Land deal gives Cliffs edge on Nashwauk mine

Cartoon by Aaron J. Brown

Earlier this month, Cleveland Cliffs announced that it acquired land associated with the former Essar Steel Minnesota mine project in Nashwauk. At the time, I and others wondered how significant this news would be. Well, the Mesabi Daily News reports that an anonymous source says Cliffs now controls a critical part of the project, including access to the main iron ore pit.

This leaves Chippewa Capital Partners, current owners of the project, in a bind. They must work with Cliffs, or sell to Cliffs. Avoiding them will be impossible.

The Itasca County Board called a special meeting at 4:30 p.m. today to discuss the changing conditions of the Essar Steel Minnesota bankruptcy situation. The county built the road, rails and power substations for Essar with state bonding funds.

Throughout the western Mesabi Range, the renaissance of the old Butler Taconite site represents the golden promise of an innovative new age of iron mining and steelmaking. The future of the Iron Range mining industry requires the whole region transition to producing iron for electric arc furnaces. Arguably, this goal is far more vital than mining new minerals like copper and nickel, though it gets a small percentage of the attention.

Nevertheless, through good times and bad, the Minnesota Iron and Steel Essar Steel Minnesota Mesabi Metallics Chippewa Capital Partners project has suffered from broken promises and failed hopes for more than a decade. One gets the sense that the public officials who actually get to preside over the ribbon cutting are being conceived on a hockey bus at this hour.

But Cliffs says it will act swiftly if it gets ahold of the project.

As the Mesabi Daily News reports, officials with Chippewa Capital Partners and the state of Minnesota have yet to meet with Cleveland-Cliffs. At stake are mineral leases and control of the partially complete mining and processing facility.

From the Mesabi Daily News:

The state of Minnesota and Chippewa are now left weighing their options as another deadline to meet the state-owned minerals lease agreement comes due Dec. 31. Gov. Mark Dayton’s office declined to address specific questions pertaining to the leases, the deadline or any plans or discussions with Chippewa.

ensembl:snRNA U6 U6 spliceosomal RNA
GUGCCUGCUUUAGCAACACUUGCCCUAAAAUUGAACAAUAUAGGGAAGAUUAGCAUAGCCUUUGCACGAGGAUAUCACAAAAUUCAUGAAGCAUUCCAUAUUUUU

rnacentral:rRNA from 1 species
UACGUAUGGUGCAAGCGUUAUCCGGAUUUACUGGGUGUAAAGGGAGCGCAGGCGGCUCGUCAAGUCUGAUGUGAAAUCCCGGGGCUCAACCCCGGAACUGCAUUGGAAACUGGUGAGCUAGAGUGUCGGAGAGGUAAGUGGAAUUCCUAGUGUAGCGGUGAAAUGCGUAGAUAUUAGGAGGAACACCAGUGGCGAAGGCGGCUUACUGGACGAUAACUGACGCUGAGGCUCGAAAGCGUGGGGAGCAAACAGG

“The purchase and leasing of private property holdings by Cliffs came as a complete surprise, and it presents significant additional challenges for the Chippewa Capital Partners project,” said Matt Swenson, deputy chief of staff for Dayton, in a statement. “The governor is intensively reviewing possible options with his project team.”

Cliffs declined comment for this story. Tom Clarke, the state of Virginia billionaire leading the Chippewa group, did not immediately return requests for comment. A spokesperson for the Minnesota Department of Natural Resources said in a statement that Chippewa continues to hold the permits and state leases, and the state is reviewing the implications of Cliffs’ acquisition.

And what brought this about? Apparently the private land and fee owners approached Cliffs with the opportunity. They must have seen something they didn’t like in the new owners.

As for the art on this post, I wasn’t sure I’d get to reuse my 2016 cartoon depicting Cliffs’ deft maneuvers to acquire the Nashwauk mine site. As it turns out, all I had to do was scrub out “Essar” and add the clunky phrase “Chippewa Capital Partners.” This confederation of financiers now must prove that we should bother learning that name.

I’ve been around this story long enough to know that everything we see is part of an elaborate, hostile set of negotiations. The media, myself included, is often unwittingly led to participate in this escapade. But if this is a game of chess, Cliffs CEO Lourenco Goncalves appears to have his rivals in check.


Comments

  1. independant says:

    Check out the Duluth News Tribune article from last night. Sounds like one side is exaggerating the situation and the other is downplaying it. I guess we will see who is blowing smoke very soon.

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